Ivanka Trump may not relatively be the super-controversial figure like her father, Donald Trump, but the senior White House adviser has managed to become the subject of scrutiny since the longest of time now. Time and again, the United States President’s daughter has got a brutal reminder that the trolls of Twitter will always be around to call you out on any mistakes at all. After tweeting a fake Chinese proverb, the United States President’s daughter has once again appeared on the headlines for misattributing a motivational quote to ancient Greek philosopher Socrates. Hey Ivanka Trump, Some Annoyed Hyderabad Residents Have Named a Lane 'KTR-Ivanka Trump Road', Care to Know Why?
“The secret of change is to focus all of your energy, not on fighting the old, but on building the new,” tweeted Trump citing Socrates. To a few untrained eyes, this would sound like something the Greek thinker would have said while gazing on the streets of Ancient Athens. Socrates did say this, but it wasn’t the philosopher that Ivanka perhaps was thinking of. Yes, the quote is from a fictionalised Socrates who was featured in a 1980’s book, Way of the Peaceful Warrior: A Book That Changes Lives, written by American gymnast Dan Millman; revealed by Quote Investigator. Ivanka Trump Posts a Cuddly Picture with Her Son Theodore, Slammed by Twitter for Missing Immigrant Children.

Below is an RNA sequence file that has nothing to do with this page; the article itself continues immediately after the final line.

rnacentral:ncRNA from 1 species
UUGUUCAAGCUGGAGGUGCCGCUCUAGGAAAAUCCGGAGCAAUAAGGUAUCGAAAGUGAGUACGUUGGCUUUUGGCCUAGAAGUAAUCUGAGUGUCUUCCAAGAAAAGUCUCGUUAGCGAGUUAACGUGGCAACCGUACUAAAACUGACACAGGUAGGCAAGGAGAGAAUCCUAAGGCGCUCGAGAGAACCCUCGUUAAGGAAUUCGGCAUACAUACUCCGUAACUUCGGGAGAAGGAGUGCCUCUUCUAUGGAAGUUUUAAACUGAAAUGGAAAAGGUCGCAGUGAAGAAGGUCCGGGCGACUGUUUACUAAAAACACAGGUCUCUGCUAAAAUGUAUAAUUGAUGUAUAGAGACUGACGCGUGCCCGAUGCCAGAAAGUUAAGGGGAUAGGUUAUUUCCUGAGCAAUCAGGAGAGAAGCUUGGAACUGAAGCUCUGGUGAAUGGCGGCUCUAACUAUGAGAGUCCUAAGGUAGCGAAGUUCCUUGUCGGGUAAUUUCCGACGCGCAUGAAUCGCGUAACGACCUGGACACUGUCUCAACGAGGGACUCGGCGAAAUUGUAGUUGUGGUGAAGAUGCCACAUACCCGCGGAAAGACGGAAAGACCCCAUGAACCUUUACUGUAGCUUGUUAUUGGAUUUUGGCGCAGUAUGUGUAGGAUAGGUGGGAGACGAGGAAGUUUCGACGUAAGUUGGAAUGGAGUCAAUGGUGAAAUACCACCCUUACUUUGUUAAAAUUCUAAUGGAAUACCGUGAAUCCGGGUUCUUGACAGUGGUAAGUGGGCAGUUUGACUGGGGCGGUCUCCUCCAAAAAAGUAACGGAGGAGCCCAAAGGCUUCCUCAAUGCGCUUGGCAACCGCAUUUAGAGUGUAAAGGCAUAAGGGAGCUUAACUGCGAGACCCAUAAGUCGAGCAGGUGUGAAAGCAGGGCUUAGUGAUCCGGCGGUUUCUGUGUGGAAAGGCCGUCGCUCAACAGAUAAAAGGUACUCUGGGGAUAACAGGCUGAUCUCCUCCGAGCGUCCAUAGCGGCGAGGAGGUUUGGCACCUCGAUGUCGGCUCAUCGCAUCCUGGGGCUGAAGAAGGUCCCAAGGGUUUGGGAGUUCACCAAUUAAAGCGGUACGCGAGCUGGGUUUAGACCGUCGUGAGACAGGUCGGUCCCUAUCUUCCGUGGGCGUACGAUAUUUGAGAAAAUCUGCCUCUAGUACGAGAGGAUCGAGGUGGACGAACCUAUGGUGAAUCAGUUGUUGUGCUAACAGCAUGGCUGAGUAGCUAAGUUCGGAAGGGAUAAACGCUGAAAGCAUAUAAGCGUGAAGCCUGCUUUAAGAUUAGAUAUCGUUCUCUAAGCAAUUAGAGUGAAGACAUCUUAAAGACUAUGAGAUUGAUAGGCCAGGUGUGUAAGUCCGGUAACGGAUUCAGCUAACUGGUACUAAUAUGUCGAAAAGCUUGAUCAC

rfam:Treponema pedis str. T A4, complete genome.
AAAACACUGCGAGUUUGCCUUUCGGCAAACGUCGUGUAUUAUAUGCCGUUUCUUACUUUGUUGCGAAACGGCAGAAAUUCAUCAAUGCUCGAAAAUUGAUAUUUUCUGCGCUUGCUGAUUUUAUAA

Trump’s initial tweet was deleted after about 30 minutes being online. Enough time, for Netizens to roast someone’s blooper! She later replaced with a post clarifying the Socrates “a fictional character not the philosopher.”
“The secret of change is to focus all of your energy, not on fighting the old, but on building the new.”
-Socrates (note: a fictional character not the philosopher)
— Ivanka Trump (@IvankaTrump) October 16, 2018
The blunder predictably caused much mirth online. One Twitter user said, “Just to be clear Ivanka, Plato is not the Disney character Pluto. Are we straight now?” And the mockery went on! Ivanka Trump has been quite popular in misinterpreting quotes of famous thinkers. Her tweet quoting the physicist Albert Einstein from 2013 reappeared four years later when netizens realised it was wrong. Again, recently, China’s social media was on abuzz for Trump tweeting a proverb, which she claimed was Chinese. But again, it was not.